Love relationships: Space issues
When writer-director Anand Tiwari, 34, was growing up in Matunga, Mumbai, Dilwale Dulhania Le Jayenge was the epitome of love. It was a time when Shah Rukh Khan’s Raj refused to run away with Simran (Kajol) until Amrish Puri acquiesced and told Simran to go “live her life”.
“These days,” says Tiwari, “problems are internal. Relationships are far less complex.”
His own tryst with the transactional nature of relationships was the trigger for Love Per Square Foot, a Hindi romantic comedy about “a marriage of convenience” that pivots around a compelling Mumbai city situation—housing.
Love Per Square Foot stars Vicky Kaushal and Angira Dhar as characters who enter into a relationship back-to-front. The foundation itself is flawed, as Karina (Dhar) reveals in the trailer. “People first fall in love and then marry and then buy a house. But we started the other way around, right?” she tells Sanjay (Kaushal), a Mumbai boy with aspirations of moving from his modest home to a high-rise apartment.
“Sanjay is an amalgam of myself and Sumeet (Vyas, co-writer). The film is about several things, including the aspiration to own a house, the lack of privacy for intimacy and the idea of transactional relationships, which has bothered me in all my relationships as well,” says Tiwari.
Recounting an incident from his own life, Tiwari adds, “Once, during a break-up fight, I said, ‘This is not love, this is love per square foot.’ I thought this made for a great title.”
In the age of millennials, love is no longer blind, says Vyas. “People are not just sticking out relationships when there isn’t enough compatibility or love. They are not embarking on great gestures just so that they have a good story to tell their grandchildren either. Today there has to be a balance between the heart and the brain. Sense of self is high priority and so is practicality,” says Vyas.
Tiwari and Vyas have the shared experience of growing up in Mumbai, with little, or no privacy. “Friends from more privileged backgrounds spoke of bringing girls home and spending time in their ‘room’, but I lived in a chawl, where we all shared one room. We had no choice but to sit on the rocks by the sea, hold hands and maybe steal a kiss,” says Vyas. The near-empty movie hall during a flop movie screening was another great venue. Vyas went to shows of Ram Gopal Varma Ki Aag seven times, but he didn’t see much of the film.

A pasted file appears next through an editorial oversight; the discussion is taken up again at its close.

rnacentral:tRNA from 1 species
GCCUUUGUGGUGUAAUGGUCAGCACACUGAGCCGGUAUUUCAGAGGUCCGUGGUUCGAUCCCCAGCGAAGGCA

Love Per Square Foot releases online on Valentine’s Day. It is the first Netflix original Hindi film. “This is a pure Bollywood masala film,” says Tiwari. “It’s a romcom with dance, love and comedy. It represents Bollywood in a zone that matches what Netflix had in mind for an international audience.”
The thought of his movie being available in 190 countries around the world, dubbed in various languages and potentially reviewed by international critics, was nowhere on Tiwari’s radar when he was shooting on a Lower Parel building terrace.
Today’s social-media-savvy netizens have an understanding of love quite different from the baby boomers or even Generation X. “When you tire of dancing, you want to get to know the person better. Why die for each other? Why not argue and fight and then go eat Chinese food?” says Vyas.
Tiwari says that while he loves the experience of watching a film in the theatre, he is cognizant of dwindling numbers and the need to reconfigure the economics of a theatrical release. “As a writer-director, economics don’t affect me as much. However, I understand the need to invest in content. On a platform like Netflix, we are competing with Black Mirror, Bright and Okja—content which people are consuming around the world. Our content too has to be relevant to, and affect, all viewers, for which we need to stay true to our stories.”
Love, housing, privacy, space, transactional relationships, ambition, the erosion of purity and intensity in romance—these are universal ideas, say the two writers. “People have to like your work wherever they see you,” says Tiwari, even if it’s in their own space and time. And space is as much a theme as a metaphor in Love Per Square Foot.